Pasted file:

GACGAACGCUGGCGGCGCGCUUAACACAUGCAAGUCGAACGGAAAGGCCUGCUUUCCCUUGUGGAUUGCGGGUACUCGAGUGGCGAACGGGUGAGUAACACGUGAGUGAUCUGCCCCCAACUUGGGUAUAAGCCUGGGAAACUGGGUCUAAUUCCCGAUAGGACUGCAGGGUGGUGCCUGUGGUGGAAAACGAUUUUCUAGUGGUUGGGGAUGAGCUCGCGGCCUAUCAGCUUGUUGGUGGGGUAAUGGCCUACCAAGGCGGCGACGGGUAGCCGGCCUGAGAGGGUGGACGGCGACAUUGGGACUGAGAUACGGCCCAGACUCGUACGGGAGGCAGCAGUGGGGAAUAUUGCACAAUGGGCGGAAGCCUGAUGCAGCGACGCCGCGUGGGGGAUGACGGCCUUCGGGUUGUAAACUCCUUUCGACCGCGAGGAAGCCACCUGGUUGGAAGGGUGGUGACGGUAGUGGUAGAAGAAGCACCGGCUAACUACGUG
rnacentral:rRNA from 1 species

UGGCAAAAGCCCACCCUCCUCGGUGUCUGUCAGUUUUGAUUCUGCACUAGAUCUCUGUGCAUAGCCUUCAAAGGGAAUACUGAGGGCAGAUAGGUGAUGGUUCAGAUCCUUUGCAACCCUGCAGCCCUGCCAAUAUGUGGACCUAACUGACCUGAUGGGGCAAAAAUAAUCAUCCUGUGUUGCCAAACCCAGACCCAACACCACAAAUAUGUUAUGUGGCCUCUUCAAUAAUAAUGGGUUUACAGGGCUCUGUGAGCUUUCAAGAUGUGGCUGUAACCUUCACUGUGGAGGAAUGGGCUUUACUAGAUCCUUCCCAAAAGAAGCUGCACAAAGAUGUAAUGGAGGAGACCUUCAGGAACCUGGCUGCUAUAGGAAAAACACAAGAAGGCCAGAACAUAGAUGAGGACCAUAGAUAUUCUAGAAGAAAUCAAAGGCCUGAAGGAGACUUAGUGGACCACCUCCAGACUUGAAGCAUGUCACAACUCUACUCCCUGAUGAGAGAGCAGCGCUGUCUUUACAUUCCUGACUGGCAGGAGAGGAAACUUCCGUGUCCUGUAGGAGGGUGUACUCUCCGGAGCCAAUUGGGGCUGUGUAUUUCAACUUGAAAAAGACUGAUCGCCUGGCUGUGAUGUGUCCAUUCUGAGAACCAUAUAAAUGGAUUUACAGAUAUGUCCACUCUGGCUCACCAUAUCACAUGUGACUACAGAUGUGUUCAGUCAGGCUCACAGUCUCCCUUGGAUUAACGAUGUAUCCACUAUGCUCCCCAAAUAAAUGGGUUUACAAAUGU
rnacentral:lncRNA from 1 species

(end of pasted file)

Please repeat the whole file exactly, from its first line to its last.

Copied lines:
GACGAACGCUGGCGGCGCGCUUAACACAUGCAAGUCGAACGGAAAGGCCUGCUUUCCCUUGUGGAUUGCGGGUACUCGAGUGGCGAACGGGUGAGUAACACGUGAGUGAUCUGCCCCCAACUUGGGUAUAAGCCUGGGAAACUGGGUCUAAUUCCCGAUAGGACUGCAGGGUGGUGCCUGUGGUGGAAAACGAUUUUCUAGUGGUUGGGGAUGAGCUCGCGGCCUAUCAGCUUGUUGGUGGGGUAAUGGCCUACCAAGGCGGCGACGGGUAGCCGGCCUGAGAGGGUGGACGGCGACAUUGGGACUGAGAUACGGCCCAGACUCGUACGGGAGGCAGCAGUGGGGAAUAUUGCACAAUGGGCGGAAGCCUGAUGCAGCGACGCCGCGUGGGGGAUGACGGCCUUCGGGUUGUAAACUCCUUUCGACCGCGAGGAAGCCACCUGGUUGGAAGGGUGGUGACGGUAGUGGUAGAAGAAGCACCGGCUAACUACGUG
rnacentral:rRNA from 1 species

UGGCAAAAGCCCACCCUCCUCGGUGUCUGUCAGUUUUGAUUCUGCACUAGAUCUCUGUGCAUAGCCUUCAAAGGGAAUACUGAGGGCAGAUAGGUGAUGGUUCAGAUCCUUUGCAACCCUGCAGCCCUGCCAAUAUGUGGACCUAACUGACCUGAUGGGGCAAAAAUAAUCAUCCUGUGUUGCCAAACCCAGACCCAACACCACAAAUAUGUUAUGUGGCCUCUUCAAUAAUAAUGGGUUUACAGGGCUCUGUGAGCUUUCAAGAUGUGGCUGUAACCUUCACUGUGGAGGAAUGGGCUUUACUAGAUCCUUCCCAAAAGAAGCUGCACAAAGAUGUAAUGGAGGAGACCUUCAGGAACCUGGCUGCUAUAGGAAAAACACAAGAAGGCCAGAACAUAGAUGAGGACCAUAGAUAUUCUAGAAGAAAUCAAAGGCCUGAAGGAGACUUAGUGGACCACCUCCAGACUUGAAGCAUGUCACAACUCUACUCCCUGAUGAGAGAGCAGCGCUGUCUUUACAUUCCUGACUGGCAGGAGAGGAAACUUCCGUGUCCUGUAGGAGGGUGUACUCUCCGGAGCCAAUUGGGGCUGUGUAUUUCAACUUGAAAAAGACUGAUCGCCUGGCUGUGAUGUGUCCAUUCUGAGAACCAUAUAAAUGGAUUUACAGAUAUGUCCACUCUGGCUCACCAUAUCACAUGUGACUACAGAUGUGUUCAGUCAGGCUCACAGUCUCCCUUGGAUUAACGAUGUAUCCACUAUGCUCCCCAAAUAAAUGGGUUUACAAAUGU
rnacentral:lncRNA from 1 species